Below is what is called an underground manhole for electrical cables. This one is still under construction for 33kV electrical incoming authority supply cables.
Picture 01 – A 33kV underground manhole
This post is another anchor post. I will upload pictures for underground electrical manholes and underground electrical cable ducts here.
If I come across more than a few of related pictures on this subject, I will probably send a separate article, but one or two of the pictures from the new post will also be added here together with a link to the new post.
Manholes for telecommunication cables will also be located here, as well as the ductworks for the underground telecommunication cables.
Even though the signals and the power carried by the two types of cable are totally different, the nature of their construction and installation works of the manhole and the duct-bank are generally very similar.
The skills and knowledge to handle the trade contractors of both works are also the same. So one will benefit the other and vise versa.
Picture 02 – An 11kV Manhole Being Delivered To Site
This manhole was still on the truck and it was for the 11 kV underground incoming cables to an office complex.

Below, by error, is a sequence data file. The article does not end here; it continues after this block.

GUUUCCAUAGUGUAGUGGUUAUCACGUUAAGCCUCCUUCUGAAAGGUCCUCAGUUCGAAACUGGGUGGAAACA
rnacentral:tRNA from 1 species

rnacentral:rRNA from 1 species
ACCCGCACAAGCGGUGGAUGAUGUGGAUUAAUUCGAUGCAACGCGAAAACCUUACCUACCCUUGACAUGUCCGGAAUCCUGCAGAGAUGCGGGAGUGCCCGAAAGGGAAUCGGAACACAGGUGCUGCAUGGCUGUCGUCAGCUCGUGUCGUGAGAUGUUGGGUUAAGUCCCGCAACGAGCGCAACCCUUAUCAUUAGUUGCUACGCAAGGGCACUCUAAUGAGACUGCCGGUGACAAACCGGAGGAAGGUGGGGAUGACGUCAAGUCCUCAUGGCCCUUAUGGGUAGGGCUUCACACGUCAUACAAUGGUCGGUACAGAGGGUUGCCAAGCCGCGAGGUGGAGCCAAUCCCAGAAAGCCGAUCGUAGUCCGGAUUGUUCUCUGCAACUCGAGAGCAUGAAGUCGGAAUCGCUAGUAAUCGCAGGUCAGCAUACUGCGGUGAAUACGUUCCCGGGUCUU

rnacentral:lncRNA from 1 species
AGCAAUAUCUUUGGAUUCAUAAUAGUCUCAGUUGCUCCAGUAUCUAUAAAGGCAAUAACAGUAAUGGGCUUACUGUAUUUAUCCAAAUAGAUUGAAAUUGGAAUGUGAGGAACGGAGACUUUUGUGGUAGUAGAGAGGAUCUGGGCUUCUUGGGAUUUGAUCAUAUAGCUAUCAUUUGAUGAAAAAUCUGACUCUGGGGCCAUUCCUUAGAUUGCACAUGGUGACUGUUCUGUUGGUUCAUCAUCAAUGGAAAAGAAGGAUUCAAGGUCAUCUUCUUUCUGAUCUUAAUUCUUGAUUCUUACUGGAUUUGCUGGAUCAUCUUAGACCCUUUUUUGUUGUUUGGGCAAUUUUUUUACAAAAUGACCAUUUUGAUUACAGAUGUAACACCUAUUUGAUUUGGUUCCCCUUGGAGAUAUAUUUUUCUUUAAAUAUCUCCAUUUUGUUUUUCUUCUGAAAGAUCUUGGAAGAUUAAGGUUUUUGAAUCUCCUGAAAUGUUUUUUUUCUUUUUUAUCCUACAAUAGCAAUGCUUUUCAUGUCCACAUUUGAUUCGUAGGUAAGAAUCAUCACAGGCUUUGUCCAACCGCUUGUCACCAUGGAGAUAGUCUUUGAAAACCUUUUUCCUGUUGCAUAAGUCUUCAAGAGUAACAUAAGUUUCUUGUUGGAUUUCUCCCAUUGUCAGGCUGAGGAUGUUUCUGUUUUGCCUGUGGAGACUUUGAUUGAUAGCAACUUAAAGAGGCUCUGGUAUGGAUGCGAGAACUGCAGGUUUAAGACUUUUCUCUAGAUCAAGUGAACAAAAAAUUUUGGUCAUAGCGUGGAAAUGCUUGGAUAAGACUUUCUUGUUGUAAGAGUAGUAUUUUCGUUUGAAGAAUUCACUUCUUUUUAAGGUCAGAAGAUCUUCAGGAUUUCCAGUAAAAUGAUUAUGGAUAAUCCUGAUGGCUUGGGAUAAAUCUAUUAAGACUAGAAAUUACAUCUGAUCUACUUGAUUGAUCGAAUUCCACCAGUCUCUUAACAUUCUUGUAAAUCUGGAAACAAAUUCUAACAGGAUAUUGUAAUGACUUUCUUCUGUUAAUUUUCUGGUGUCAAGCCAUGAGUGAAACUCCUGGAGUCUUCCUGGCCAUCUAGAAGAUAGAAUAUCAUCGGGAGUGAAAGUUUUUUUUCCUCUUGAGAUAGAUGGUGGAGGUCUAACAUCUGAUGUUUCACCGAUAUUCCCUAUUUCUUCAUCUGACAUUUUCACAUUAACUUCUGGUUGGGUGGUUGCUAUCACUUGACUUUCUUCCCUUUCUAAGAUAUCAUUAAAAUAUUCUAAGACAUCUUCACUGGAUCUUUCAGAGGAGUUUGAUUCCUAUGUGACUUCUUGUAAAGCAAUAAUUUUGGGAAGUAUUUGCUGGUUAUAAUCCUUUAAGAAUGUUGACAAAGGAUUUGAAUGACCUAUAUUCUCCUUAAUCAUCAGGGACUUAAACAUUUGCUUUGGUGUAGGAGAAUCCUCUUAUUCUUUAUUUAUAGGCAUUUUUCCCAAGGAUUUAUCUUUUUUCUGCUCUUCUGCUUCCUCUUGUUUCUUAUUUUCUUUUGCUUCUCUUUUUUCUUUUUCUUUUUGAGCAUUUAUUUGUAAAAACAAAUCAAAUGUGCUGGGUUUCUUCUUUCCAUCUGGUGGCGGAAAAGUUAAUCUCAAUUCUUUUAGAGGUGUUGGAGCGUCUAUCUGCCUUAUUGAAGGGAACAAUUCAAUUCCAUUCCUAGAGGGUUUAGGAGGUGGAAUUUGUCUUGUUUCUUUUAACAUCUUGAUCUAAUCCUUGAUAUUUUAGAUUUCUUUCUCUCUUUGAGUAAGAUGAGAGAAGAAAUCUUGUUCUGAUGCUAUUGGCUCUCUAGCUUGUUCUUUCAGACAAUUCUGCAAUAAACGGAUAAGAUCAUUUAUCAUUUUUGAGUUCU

An onboard crane was preparing to loading the unit from the truck.
Picture 03 – Manhole Pit Being Prepared
A few days after the precast electrical manhole was delivered to the construction site, the pit for the manhole was dug out and prepared.
Beginners please take note here. Do not dig out the pit for the manhole first while waiting for the manhole to arrive.
Things happens. Maybe it’s a heavy rain instead of the manhole that arrives. That is possible.
The manhole may not arrive the next day as promised by the supplier. In fact, the manhole may only arrive two weeks after the pit was excavated and prepared.
A pit exposed too long may collect rain-water and the base of the pit would be unsuitable to received the manhole. It will need to be rectified first … this will mean extra man-hours and extra machine time … extra money need to be spent.
Picture 04 – 11kV Underground Manhole Being Lowered Into Pit
Here the manhole was being lowered and guided into the base of the pit. The orientation of the manhole will need to align with the cable ducts that will connect to it.
Otherwise the ducts may not properly slide through the precast openings in the manhole walls.
When this happens, the wall will need to be hacked and modified on-site to suit the connecting ducts. Again, extra time and money.
Picture 05 – A Heavy-Duty Manhole Cover Being Put Onto Position
Now the heavy duty manhole covers being put into place. Note that there may be several pieces of the covers as can be seen in the following picture.
Picture 06 – A Completed 11kV Underground Manhole
Completed. Job done.
Picture 07 – 11kv manhole and underground duct crossing roadside drain
The above picture and the one below shows an underground manhole for 11KV incoming supply cables.
In the above picture, you can see the precast openings for connecting G.I. pipes to the manhole. The are two rows of six round openings each around 150 mm diameter.
Each duct would slide into an opening to make a nice connection. That’s why it is best to align the manhole and ducts properly.